Pine Beetle Recovery Dollars Still Needed
Prince George, B.C. – It’s been a decade since the Pine Beetle Recovery Account administered by Northern Development Initiative Trust received $30 million dollars. The money was to be used to help forest dependent communities through the impact of the infestation.
Over the years, the Pine Beetle Recovery account has provided about $19 million dollars for 215 projects that included everything from research projects to tourism, to airport improvements, anything that could help a community diversify its economy. Last year alone about $1.4 million was provided for a variety of projects.
The account has a balance of about $23 million dollars.
So with the merchantable pine beetle kill fibre nearly gone, is the fund still relevant? NDIT’s CEO Janine North says it is needed just as much now as it was when it was first established “I think it is going to become more top of mind as we see harvest levels decrease. When we see harvest levels decrease, and there are consequences like mill closures, then again it’s going to be top of mind for us and that’s going to be where things the communities wanted to be supported like dual credit trades training in the high schools ensuring that program is expanded so the Trust can be a catalyst for that.”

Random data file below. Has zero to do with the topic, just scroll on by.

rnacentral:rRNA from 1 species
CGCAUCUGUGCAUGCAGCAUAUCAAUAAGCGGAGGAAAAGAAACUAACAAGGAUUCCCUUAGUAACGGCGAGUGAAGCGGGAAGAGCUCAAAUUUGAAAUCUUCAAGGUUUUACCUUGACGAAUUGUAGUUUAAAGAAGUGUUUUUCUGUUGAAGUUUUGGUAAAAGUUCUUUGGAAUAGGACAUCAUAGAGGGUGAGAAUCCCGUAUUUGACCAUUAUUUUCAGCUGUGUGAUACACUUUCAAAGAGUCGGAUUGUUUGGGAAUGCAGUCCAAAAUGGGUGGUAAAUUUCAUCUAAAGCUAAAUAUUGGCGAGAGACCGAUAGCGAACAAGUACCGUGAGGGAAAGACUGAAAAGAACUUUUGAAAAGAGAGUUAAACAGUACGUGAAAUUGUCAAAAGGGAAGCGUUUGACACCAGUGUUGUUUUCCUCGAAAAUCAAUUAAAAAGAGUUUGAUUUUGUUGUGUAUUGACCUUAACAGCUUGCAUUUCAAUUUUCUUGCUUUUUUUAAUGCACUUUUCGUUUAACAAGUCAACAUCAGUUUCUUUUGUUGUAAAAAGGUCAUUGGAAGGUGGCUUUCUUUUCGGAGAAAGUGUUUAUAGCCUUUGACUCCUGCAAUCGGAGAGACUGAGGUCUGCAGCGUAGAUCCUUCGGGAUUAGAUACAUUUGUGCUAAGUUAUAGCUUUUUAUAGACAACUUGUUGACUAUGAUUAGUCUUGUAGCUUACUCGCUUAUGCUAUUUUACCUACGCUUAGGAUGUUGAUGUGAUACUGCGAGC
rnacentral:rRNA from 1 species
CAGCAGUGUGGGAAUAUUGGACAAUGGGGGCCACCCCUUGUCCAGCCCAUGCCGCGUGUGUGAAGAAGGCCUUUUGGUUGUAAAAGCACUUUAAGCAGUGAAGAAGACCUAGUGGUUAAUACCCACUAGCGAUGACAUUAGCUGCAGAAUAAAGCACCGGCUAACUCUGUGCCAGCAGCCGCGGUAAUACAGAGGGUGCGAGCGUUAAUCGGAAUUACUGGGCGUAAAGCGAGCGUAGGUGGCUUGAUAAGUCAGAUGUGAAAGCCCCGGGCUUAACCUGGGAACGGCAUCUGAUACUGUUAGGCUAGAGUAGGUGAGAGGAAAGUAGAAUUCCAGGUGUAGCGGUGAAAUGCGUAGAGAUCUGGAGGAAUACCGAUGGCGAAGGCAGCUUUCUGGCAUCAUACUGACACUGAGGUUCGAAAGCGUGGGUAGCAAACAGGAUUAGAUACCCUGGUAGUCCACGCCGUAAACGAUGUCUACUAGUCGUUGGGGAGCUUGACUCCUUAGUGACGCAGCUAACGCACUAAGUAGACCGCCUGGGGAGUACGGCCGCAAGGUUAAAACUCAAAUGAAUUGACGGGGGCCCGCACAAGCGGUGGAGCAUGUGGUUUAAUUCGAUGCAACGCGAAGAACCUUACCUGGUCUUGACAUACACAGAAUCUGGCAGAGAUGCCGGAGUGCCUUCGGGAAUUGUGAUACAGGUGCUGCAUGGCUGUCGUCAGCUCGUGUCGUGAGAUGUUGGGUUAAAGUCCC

Prince George’s diversified economy has cushioned it from the worst of the blow from the beetle epidemic and the downturn in the economy in 2008. While there have been jobs lost, the impact on this city has not been as severe as it has been, or might still be, in neighbouring communities. “It’s really keenly felt still in Quesnel, in Vanderhoof, Burns Lake, in Houston, Williams Lake” says North “Those are the communities that are kind of feeling the impending harvest level decreases more than anyone else.”
At a recent meeting with the Beetle Action Coalitions and the four regional advisory committees the NDIT was given a strong message about the Pine Beetle Recovery Account “They all agreed that the account should be managed sustainably” says North. She says the recommendation to the NDIT Board was to increase the outflow of funds from 7% to about 9% and for projects that are considered “extraordinarily strong” the amount could be higher.
It was also recommend the Board consider making additional funds from the account available to support highly strategic or impactful pine beetle recovery projects as they’re proposed. Such projects might include commercialization and community forest support, support for trades and technical education and small business and entrepreneurial training and mentorship.
The recommendations have been forwarded to the Board, and staff are now working on policy updates for the account that will be forwarded to the Board for approval at its July meeting.